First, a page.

This project, coordinated by the Commonwealth Scientific and Industrial Research Organisation (CSIRO, Australia) is the world’s largest marine pollution survey, working with countries across the globe to help them assess and reduce the amount of litter entering the oceans. Some of the world’s top polluters will take part in the project including China, Bangladesh, Indonesia, Vietnam and the United States, plus other countries including Australia, South Korea and Taiwan.
“By coordinating our approach we will be able to achieve some quick wins and know where to set our sights for more long-term goals,” Dr Hong, Our Sea of East Asia Network (OSEAN, South Korea), said. “We know that almost all litter starts off in someone’s hand, and from there it finds it ways from land to the ocean, where it breaks up into smaller pieces,” Dr Hardesty, CSIRO Oceans and Atmosphere Principal Research Scientist, said.
“This means if we can stop the rubbish from entering the ocean, we can make real headway in resolving the
“Along with causing marine and environmental problems, things like plastic bags can also cause storm water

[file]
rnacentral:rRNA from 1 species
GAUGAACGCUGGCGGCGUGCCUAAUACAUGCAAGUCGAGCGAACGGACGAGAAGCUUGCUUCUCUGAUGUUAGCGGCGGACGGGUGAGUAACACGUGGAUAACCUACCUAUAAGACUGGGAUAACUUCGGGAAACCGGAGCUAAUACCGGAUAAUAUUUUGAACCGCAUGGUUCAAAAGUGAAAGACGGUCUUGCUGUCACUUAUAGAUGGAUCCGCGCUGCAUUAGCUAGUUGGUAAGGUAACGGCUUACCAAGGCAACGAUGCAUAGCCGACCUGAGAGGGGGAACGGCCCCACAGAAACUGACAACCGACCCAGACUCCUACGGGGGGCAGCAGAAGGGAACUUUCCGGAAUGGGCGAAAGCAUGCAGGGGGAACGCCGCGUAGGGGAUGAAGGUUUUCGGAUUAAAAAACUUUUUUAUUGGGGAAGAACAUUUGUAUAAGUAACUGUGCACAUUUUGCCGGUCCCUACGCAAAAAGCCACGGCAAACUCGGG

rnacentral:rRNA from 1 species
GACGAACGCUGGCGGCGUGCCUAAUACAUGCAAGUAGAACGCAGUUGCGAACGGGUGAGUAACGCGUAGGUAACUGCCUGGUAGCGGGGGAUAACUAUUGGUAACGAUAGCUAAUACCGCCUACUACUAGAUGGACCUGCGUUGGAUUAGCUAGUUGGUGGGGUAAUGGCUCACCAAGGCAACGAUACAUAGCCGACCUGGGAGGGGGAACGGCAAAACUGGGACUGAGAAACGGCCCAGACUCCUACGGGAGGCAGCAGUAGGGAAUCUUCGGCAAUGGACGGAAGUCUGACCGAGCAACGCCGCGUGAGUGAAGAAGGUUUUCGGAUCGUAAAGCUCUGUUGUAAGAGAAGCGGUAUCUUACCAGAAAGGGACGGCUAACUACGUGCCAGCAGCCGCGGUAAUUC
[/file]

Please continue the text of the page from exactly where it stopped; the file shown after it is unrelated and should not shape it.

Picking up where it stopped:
drains to become blocked, leading to significant localized flooding and serious health risks for local people.”
To support the implementation of this project, a Land to Ocean Training Workshop was held in Tong Yeong, South Korea from June 15 to 19, 2017. The workshop was organised by CSIRO and OSEAN and was attended by 19 participants from Vietnam, Bangladesh, China, Taiwan and Korea. Participants were chosen due to their outstanding contributions to addressing marine pollution.
During the training participants learnt skills in survey protocols for quantifying marine plastic, and gained updated knowledge around the challenge of microplastics as an emerging environmental issue. The training provided GreenHub’s cofounders with in-depth knowledge and skills to be the data collection coordinator in Vietnam for the project during 2017 and 2018.